|Sažetak rada (engleski)|| |
The rates of sexual dysfunctions among patients with
PTSD are much higher than in the general population.
An increasing body of scientific research has confirmed
clinically relevant sexual problems (Letourneau et al.
1997, Kotler et al. 2000, Hossain et al. 2013, Yehuda et
al. 2015, Tran et al. 2015), among which erectile dysfunction
(ED) and premature ejaculation (PE) were the
most frequent (Letourneau et al. 1997). It is important to
underline that patients, particularly military veterans
with PTSD, have an increased risk of sexual dysfunction
independent of the use of psychiatric medications
(Benjamin et al. 2014).
Considering the utilization of pharmacotherapy, data
indicate that over 80% of the veterans treated for PTSD
in the USA have been receiving at least one of the
psychotropic medications (Bernardy et al. 2012). A drug
utilization study conducted in Croatia revealed that the
annual frequency of drug use among pharmacologically
treated PTSD patients was the highest for anxiolytics
(75.83% patients), antidepressants (61.36%), hypnotics
(35.68%) and antipsychotics (30.21%) in 2012 (LeticaCrepulja
et al. 2015). In this context, it is very important
to highlight that a variety of psychotropic medications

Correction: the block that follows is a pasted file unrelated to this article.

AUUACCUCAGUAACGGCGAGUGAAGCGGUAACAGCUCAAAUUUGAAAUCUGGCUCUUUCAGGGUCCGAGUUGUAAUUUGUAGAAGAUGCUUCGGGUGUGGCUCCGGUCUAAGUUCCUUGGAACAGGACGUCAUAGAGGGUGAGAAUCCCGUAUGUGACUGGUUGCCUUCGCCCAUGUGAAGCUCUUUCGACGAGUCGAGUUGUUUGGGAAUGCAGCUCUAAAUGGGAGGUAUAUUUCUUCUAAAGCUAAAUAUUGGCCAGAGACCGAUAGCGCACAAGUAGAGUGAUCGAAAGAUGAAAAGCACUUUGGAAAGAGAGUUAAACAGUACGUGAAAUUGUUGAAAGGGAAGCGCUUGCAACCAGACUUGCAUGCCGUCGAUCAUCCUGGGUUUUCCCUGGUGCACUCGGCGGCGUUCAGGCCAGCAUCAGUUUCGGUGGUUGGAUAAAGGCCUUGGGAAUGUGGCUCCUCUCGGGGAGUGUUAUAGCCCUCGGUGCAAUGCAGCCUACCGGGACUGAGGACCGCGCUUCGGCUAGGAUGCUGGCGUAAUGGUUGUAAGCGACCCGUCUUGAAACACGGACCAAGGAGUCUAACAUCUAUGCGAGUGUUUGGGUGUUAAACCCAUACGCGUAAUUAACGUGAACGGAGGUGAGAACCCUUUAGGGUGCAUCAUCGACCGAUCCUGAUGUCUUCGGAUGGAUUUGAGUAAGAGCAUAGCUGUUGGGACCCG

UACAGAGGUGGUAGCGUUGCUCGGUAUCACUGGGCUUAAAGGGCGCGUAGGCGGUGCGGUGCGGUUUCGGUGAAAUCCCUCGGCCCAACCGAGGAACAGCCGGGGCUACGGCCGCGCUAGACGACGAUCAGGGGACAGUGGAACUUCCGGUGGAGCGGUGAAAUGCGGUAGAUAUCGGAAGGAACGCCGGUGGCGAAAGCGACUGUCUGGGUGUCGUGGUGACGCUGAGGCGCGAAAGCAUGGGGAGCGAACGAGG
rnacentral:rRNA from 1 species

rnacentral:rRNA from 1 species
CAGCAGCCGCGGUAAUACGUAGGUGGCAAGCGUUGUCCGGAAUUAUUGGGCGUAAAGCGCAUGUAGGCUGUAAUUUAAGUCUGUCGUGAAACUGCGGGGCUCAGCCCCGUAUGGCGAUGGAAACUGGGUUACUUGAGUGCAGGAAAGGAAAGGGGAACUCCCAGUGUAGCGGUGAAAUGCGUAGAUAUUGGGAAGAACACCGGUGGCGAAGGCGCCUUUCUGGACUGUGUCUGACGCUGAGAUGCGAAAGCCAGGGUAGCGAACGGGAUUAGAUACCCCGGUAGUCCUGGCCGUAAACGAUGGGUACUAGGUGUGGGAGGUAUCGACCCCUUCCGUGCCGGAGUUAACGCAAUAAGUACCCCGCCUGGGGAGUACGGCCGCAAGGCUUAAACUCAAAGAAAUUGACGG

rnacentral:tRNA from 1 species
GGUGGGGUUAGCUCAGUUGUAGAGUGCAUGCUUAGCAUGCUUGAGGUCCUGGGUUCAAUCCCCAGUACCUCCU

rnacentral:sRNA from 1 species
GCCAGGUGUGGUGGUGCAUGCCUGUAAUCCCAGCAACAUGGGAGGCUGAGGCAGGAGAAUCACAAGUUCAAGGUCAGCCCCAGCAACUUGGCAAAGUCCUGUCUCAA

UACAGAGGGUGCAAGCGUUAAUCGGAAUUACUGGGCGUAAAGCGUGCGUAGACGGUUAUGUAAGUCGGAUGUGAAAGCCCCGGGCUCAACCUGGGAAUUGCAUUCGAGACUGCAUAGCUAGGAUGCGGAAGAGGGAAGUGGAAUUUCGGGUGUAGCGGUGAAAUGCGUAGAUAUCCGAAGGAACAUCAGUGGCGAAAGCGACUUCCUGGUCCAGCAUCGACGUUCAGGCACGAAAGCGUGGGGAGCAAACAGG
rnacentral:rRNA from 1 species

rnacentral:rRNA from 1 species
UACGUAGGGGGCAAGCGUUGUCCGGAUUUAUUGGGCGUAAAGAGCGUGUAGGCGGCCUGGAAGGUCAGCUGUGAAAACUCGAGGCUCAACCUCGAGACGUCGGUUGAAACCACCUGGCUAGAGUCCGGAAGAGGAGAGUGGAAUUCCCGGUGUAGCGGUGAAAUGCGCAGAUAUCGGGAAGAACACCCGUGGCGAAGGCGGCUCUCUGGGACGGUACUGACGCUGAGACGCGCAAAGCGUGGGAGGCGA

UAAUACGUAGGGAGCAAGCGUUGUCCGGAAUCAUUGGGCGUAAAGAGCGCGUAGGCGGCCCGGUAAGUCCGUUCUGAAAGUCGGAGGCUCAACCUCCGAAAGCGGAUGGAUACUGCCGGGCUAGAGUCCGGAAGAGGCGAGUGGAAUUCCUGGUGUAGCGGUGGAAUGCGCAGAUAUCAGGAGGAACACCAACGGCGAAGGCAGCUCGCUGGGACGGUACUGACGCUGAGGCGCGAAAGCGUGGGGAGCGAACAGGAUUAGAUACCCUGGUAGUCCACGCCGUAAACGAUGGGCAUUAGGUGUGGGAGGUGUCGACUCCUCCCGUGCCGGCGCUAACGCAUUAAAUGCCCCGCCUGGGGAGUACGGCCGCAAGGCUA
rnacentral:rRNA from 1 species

recommended for the treatment of PTSD can induce
sexual function disorders (Clayton & Shen 1998, Labbate
2008). Most practice guidelines for the treatment of
PTSD highlight antidepressants as the first-line pharmacotherapeutic
agents, particularly selective serotonin
reuptake inhibitors (SSRIs) (Ballenger et al. 2000,
American Psychiatric Association 2004, National Institute
for Clinical Excellence (NICE) 2005, Baldwin et al.
2005, Forbes et al. 2007) and serotonin-norepinephrine
reuptake inhibitors (SNRIs) (Bandelow et al. 2008,
Benedek et al. 2009, Stein et al. 2009, Department of
Veterans Affairs 2010, World Health Organization
2013, Baldwin et al. 2014). Since the introduction of
these medications, increasing attention has been given
to the side effects, such as sexual dysfunction (Labbate
2008, Corona et al. 2009, Serretti & Chiesa 2011).
SSRIs can negatively affect all domains of sexuality
(desire-arousal-orgasm-resolution) (Corona et al. 2009).
A study of sexual functioning in war veterans with posttraumatic
stress disorder conducted in Croatia showed
that these patients had less sexual activity, hypoactive
sexual desire and more frequent ED compared with
healthy volunteers. These problems might be associated
with the antidepressant therapy (Antičević & Britvić
2008). Another Croatian study revealed that the population
exposed to traumatic event(s) had the same level
of sexual functioning (or the same incidence of sexual
dysfunction) regardless of the absence or presence of
PTSD symptoms and their severity (Arbanas 2010).
The aim of this report was to present a patient with
PTSD and comorbid sexual dysfunctions.